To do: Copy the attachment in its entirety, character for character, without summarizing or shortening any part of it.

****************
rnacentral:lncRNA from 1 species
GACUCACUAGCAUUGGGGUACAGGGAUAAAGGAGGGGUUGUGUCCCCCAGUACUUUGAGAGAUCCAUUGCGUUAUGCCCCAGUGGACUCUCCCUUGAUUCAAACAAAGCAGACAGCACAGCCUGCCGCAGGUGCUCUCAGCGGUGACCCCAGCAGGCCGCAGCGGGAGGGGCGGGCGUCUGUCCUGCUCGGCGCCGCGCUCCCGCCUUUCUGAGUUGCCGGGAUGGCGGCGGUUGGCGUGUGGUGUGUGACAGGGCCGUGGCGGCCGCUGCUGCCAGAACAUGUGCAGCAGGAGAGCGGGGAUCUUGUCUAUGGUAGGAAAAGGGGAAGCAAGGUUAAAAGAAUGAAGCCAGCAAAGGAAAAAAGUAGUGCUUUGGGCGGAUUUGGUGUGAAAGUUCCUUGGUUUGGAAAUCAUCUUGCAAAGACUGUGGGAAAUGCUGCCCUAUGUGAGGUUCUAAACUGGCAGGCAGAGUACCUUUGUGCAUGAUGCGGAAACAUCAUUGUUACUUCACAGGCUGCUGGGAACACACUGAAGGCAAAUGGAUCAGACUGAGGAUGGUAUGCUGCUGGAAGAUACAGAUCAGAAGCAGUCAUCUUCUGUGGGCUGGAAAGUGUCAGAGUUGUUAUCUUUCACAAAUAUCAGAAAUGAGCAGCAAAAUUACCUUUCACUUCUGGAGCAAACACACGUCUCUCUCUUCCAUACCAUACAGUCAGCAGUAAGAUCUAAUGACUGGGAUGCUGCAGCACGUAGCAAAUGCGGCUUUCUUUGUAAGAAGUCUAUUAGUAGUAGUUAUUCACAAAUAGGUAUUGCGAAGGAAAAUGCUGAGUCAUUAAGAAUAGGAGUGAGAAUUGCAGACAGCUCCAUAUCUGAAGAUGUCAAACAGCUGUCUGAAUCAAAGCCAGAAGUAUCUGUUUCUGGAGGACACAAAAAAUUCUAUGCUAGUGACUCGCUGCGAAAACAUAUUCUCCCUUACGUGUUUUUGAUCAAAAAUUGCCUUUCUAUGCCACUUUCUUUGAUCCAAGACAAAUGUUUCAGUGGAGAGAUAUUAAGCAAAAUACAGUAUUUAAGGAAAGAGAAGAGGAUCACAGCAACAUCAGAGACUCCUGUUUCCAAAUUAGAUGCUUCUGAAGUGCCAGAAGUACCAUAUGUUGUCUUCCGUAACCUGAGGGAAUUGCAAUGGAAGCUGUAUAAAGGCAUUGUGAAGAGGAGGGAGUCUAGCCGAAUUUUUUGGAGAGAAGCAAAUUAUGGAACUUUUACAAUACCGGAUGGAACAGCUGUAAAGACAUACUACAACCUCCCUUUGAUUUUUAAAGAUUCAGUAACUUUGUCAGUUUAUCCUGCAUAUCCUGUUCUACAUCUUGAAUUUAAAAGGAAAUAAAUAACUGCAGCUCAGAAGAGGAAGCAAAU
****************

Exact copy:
rnacentral:lncRNA from 1 species
GACUCACUAGCAUUGGGGUACAGGGAUAAAGGAGGGGUUGUGUCCCCCAGUACUUUGAGAGAUCCAUUGCGUUAUGCCCCAGUGGACUCUCCCUUGAUUCAAACAAAGCAGACAGCACAGCCUGCCGCAGGUGCUCUCAGCGGUGACCCCAGCAGGCCGCAGCGGGAGGGGCGGGCGUCUGUCCUGCUCGGCGCCGCGCUCCCGCCUUUCUGAGUUGCCGGGAUGGCGGCGGUUGGCGUGUGGUGUGUGACAGGGCCGUGGCGGCCGCUGCUGCCAGAACAUGUGCAGCAGGAGAGCGGGGAUCUUGUCUAUGGUAGGAAAAGGGGAAGCAAGGUUAAAAGAAUGAAGCCAGCAAAGGAAAAAAGUAGUGCUUUGGGCGGAUUUGGUGUGAAAGUUCCUUGGUUUGGAAAUCAUCUUGCAAAGACUGUGGGAAAUGCUGCCCUAUGUGAGGUUCUAAACUGGCAGGCAGAGUACCUUUGUGCAUGAUGCGGAAACAUCAUUGUUACUUCACAGGCUGCUGGGAACACACUGAAGGCAAAUGGAUCAGACUGAGGAUGGUAUGCUGCUGGAAGAUACAGAUCAGAAGCAGUCAUCUUCUGUGGGCUGGAAAGUGUCAGAGUUGUUAUCUUUCACAAAUAUCAGAAAUGAGCAGCAAAAUUACCUUUCACUUCUGGAGCAAACACACGUCUCUCUCUUCCAUACCAUACAGUCAGCAGUAAGAUCUAAUGACUGGGAUGCUGCAGCACGUAGCAAAUGCGGCUUUCUUUGUAAGAAGUCUAUUAGUAGUAGUUAUUCACAAAUAGGUAUUGCGAAGGAAAAUGCUGAGUCAUUAAGAAUAGGAGUGAGAAUUGCAGACAGCUCCAUAUCUGAAGAUGUCAAACAGCUGUCUGAAUCAAAGCCAGAAGUAUCUGUUUCUGGAGGACACAAAAAAUUCUAUGCUAGUGACUCGCUGCGAAAACAUAUUCUCCCUUACGUGUUUUUGAUCAAAAAUUGCCUUUCUAUGCCACUUUCUUUGAUCCAAGACAAAUGUUUCAGUGGAGAGAUAUUAAGCAAAAUACAGUAUUUAAGGAAAGAGAAGAGGAUCACAGCAACAUCAGAGACUCCUGUUUCCAAAUUAGAUGCUUCUGAAGUGCCAGAAGUACCAUAUGUUGUCUUCCGUAACCUGAGGGAAUUGCAAUGGAAGCUGUAUAAAGGCAUUGUGAAGAGGAGGGAGUCUAGCCGAAUUUUUUGGAGAGAAGCAAAUUAUGGAACUUUUACAAUACCGGAUGGAACAGCUGUAAAGACAUACUACAACCUCCCUUUGAUUUUUAAAGAUUCAGUAACUUUGUCAGUUUAUCCUGCAUAUCCUGUUCUACAUCUUGAAUUUAAAAGGAAAUAAAUAACUGCAGCUCAGAAGAGGAAGCAAAU